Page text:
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Hawthorne Historical Museum in the News

Hawthorne Historical Society Wins Council Approval for Museum Location
(By Cristian Vasquez from an article published April 19, 2012 in the Hawthorne Press Tribune)

The goal of the Hawthorne Historical Society to find a location to display the historical artifacts and photos of the city has become a reality. During the March 27 Hawthorne City Council meeting, City leaders approved a lease with the Hawthorne Historical Society for a portion of the former Hawthorne Police Station, located across the street from the current City Hall building.

“Several years ago, the subject of using the Police Station came up and was suggested by several citizens. The Mayor and City Council majority at that time voted it down,” Hawthorne Historical Society President and Hawthorne City Clerk Norb Huber said. “They wanted to keep the police station site for development. Since the economy has gone south, there are very few developers looking to invest in a project of this magnitude right now. Once we had a change in leadership on the City Council, support for the museum was with the Historical Society.”

The Hawthorne Historical Society was organized back in 2010 when several members of the community began investigating if there was an interest in local history. However, for more than a year there was no location available for the Hawthorne Historical Society to display the large collection of historical items that were in the City’s possession.
 
“We’ve been waiting for this day for a long time,” Tom Quintana, Public Information Officer for the City and Executive Director of the Hawthorne Historical Society, said
in a press release. “Finally we will have a place to show our residents and visitors what Hawthorne was really like and tell the stories of the well-known people who have called Hawthorne home.”

The old building will immediately undergo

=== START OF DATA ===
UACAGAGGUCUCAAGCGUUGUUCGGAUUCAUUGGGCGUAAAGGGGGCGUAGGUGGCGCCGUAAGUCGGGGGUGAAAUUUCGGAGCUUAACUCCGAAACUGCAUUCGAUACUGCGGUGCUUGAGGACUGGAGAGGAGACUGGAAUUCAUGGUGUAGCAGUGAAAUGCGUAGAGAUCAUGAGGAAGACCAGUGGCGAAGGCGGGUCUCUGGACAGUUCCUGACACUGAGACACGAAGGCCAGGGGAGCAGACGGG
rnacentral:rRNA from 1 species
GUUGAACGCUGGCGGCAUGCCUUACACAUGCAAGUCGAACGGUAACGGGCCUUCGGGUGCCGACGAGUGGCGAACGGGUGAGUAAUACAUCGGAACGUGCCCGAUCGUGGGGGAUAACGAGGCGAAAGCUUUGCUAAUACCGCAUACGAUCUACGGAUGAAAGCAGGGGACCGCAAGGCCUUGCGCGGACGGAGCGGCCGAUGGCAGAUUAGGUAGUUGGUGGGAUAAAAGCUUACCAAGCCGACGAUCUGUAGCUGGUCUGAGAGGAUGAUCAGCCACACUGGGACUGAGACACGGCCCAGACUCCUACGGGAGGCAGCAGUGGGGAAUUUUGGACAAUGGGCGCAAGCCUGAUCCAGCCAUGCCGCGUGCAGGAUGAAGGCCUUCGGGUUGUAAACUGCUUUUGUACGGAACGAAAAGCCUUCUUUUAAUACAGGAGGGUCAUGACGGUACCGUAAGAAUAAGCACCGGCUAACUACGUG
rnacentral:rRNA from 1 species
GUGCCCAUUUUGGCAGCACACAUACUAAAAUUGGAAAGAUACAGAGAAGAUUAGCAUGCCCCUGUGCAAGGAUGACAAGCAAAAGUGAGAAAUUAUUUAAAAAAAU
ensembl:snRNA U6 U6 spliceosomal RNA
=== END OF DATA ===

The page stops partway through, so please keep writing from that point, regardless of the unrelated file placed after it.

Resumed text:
renovations in what were originally the City Council chambers and which would later become the Police Detectives’ Bureau to prepare the space necessary to create adequate displays. Finding a location took some time, but is the end result of a long process which led to the creation of the society that began more than two years ago.
 
“We started to attend the Parks and Recreation Commission meetings once a month and they were asking us, ‘What do you think?’
And we would ask them, ‘What do you think?’ It was October 14 when we had our first meeting of just people in the community over at the Memorial Center just to see what interest was there in the community,” Quintana said. “That was really where we started asking the public, ‘What do you want? What do you think? Do you want a museum? Do you want a historical society? Do you just want a committee that’s a sub-function of the Parks and Recreation Commission?’ Out of that came a recommendation that there be a stand-alone organization. Eventually it was decided we be named the Hawthorne Historical Society.”
 
Historical items from the community have been collecting over the years and have ended
up in the possession of the City through various sources where people donated what they owned or what they had found. For instance, Chase Bank across the street donated certain pictures found in its storeroom when they moved into the space. Other items were collected by residents such as the late Walt Dixon, who dedicated his time to preserving the city’s history through obtaining photos or relics associated with Hawthorne’s past.

Robert Hartman, former Manager of the Hawthorne Chamber of Commerce and author of the
History of Hawthorne through 1972, was another resident who would contribute significantly to the preservation and ability to display the town’s history to the public. Hartman, who passed away in the 1980s, was fundamental in putting together Heritage Hall at the Hawthorne Memorial Center. “That collection is primarily his efforts. Unfortunately, some of that stuff is fading because the lights are always on out there,” Quintana said. “We aren’t professional archivists, but we need to learn because some of these old photographs we just can’t put them in plastic sleeves.”

Preparation efforts at the new location began April 7 when members of the Hawthorne
Historical Society gathered at the museum to conduct basic clean-up work. The space provided to display local artifacts is 750 square feet, which will not be able to accommodate every item in storage to be displayed at once. Still, there have been more items donated and/or collected by the Society that will eventually end up on display. “We have received some neat memorabilia so far,” Huber said. “We won’t be able to display everything we have since the new museum is not really large in square footage. We will be constantly upgrading our displays.
 
Hawthorne residents and former residents are encouraged to join the Hawthorne Historical Society and plan to visit the museum when it is up and running. The Society is always seeking new members who are willing to actively participate in activities such as archiving, preserving and
maintenance, among other duties.
 
For more information on the Hawthorne Historical Society, persons interested can
visit http://hawthornehistorical.com/ and fill out the contact us form

            
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